Do kids really need Yoga in their lives? The answer is YES and the reasons why they need it are many.
Children today live in a very fast-paced world. Between pressures from school, extra curricular activities, their peers, parents, and society, the hustle and bustle of every day life can quickly wear down on a child’s inner peace and joy. All of these pressures and expectations can lead to a whole lot of stress, and while most kids are not familiar with the concept of stress, they can still experience what it feels like without giving it a label or name.
School-based yoga programs are being increasingly implemented across the United States as a result of the evidence produced from research. These programs address stress and anxiety, promote social and emotional learning, and physical and emotional health. These are all basic requirements for readiness to learn and for a positive and healthy school climate.
School-based yoga helps to develop Mind-Body Awareness by training students how to pay attention to the relationship between the two. As a result, students notice the impact of stress on their well-being. This awareness (also known as mindfulness) may lead to changes in behavior. Check out these studies below for more information. Benavides & Caballero, 2009 Wang & Hagins, 2016 Eastman-Mueller et al., 2013
Self-regulation can refer to our ability to manage our stress, emotions, and behaviors. Research is starting to show that yoga and meditation may help youth manage their stress and mood and behave more positively. Check out these studies below for more information. MLERN, 2012 Kaley-Isley, Peterson, Fischer, & Peterson, 2010 Miller et al., 2014 Butzer et al., 2015 Schonert-Reichl & Lawlor, 2010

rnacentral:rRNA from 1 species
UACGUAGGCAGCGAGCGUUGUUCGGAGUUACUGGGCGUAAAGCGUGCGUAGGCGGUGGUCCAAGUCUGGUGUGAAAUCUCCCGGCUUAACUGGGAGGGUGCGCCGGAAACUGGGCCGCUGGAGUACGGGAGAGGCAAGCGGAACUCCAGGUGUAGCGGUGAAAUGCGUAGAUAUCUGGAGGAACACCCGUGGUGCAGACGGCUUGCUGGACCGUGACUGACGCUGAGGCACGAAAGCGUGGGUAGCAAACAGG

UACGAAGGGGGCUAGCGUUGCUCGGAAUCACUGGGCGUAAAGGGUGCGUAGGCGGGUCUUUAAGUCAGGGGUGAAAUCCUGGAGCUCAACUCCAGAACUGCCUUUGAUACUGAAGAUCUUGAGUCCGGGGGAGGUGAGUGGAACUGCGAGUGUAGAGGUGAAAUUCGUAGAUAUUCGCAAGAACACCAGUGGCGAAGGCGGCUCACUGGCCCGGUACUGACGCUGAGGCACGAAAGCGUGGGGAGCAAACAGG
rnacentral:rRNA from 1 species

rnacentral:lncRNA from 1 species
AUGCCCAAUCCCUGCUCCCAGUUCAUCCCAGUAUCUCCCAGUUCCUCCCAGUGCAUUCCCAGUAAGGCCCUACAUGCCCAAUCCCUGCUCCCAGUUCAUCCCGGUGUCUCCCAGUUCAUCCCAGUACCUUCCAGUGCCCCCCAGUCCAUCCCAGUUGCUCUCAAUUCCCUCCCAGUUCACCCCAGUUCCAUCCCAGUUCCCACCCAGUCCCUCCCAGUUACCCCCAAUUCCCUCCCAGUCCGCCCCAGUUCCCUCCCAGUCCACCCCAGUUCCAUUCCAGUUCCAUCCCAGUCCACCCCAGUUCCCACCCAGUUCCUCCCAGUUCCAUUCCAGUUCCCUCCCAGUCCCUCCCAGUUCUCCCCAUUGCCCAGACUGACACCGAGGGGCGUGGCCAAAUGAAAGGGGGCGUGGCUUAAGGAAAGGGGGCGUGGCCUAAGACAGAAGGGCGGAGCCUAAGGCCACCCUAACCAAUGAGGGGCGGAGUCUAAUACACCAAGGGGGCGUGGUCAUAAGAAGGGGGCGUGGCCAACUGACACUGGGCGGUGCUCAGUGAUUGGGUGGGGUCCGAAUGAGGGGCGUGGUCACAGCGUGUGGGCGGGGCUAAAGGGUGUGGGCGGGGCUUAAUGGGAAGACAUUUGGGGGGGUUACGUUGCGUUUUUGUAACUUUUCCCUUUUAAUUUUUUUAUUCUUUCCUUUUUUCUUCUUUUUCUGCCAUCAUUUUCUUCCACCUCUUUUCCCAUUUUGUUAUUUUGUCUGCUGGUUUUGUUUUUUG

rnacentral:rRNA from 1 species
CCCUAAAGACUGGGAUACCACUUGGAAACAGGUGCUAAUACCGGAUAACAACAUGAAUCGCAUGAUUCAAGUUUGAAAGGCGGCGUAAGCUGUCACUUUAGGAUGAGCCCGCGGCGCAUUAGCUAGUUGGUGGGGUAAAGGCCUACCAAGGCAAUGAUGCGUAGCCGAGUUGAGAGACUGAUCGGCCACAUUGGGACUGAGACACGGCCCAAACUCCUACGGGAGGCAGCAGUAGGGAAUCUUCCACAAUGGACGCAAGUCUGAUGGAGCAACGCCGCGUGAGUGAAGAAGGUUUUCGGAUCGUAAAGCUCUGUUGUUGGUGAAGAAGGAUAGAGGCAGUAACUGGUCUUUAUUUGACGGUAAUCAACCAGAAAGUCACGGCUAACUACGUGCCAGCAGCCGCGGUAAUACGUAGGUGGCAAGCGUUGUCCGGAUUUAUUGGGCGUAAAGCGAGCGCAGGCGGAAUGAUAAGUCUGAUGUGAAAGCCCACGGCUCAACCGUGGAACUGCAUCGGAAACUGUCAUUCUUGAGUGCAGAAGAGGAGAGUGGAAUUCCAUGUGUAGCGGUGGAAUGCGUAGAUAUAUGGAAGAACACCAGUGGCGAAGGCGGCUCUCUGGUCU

Research suggests that yoga may improve physical fitness in adolescents as well as result in improved respiratory function, increased exercise adherence, and reduced obesity risk factors. An important difference between yoga and mindfulness meditation is that yoga includes physical postures. Essentially, yoga is a practice of “mindfulness in motion” that uses the body to promote awareness of the present moment. Check out these studies below for more information. Cramer, Lauche, Haller, et al., 2014 Ogden, Carroll, Kit, & Flegal, 2012 Purohit et al., 2016 Liu et al., 2014 Bryan, Pinto, & Parasher, 2011
Recent research suggests that providing educators with training in yoga- and mindfulness-based skills may have several beneficial effects for educators, including increases in calmness, mindfulness, well-being and positive mood, improvements in classroom management, emotional reactivity, stabilized blood pressure, cortisol awakening response, and decreases in mind and body stress. Providing teachers with skills and practices to enhance their own self-care is a crucial step toward improving classroom climate, teacher effectiveness and student outcomes. Check out these studies below for more information. Harris et al., 2016 Jennings et al., 2013 Kemeny et al., 2012 Nosaka & Okamura, 2015 Schussler et al., 2016 Sharp & Jennings, 2016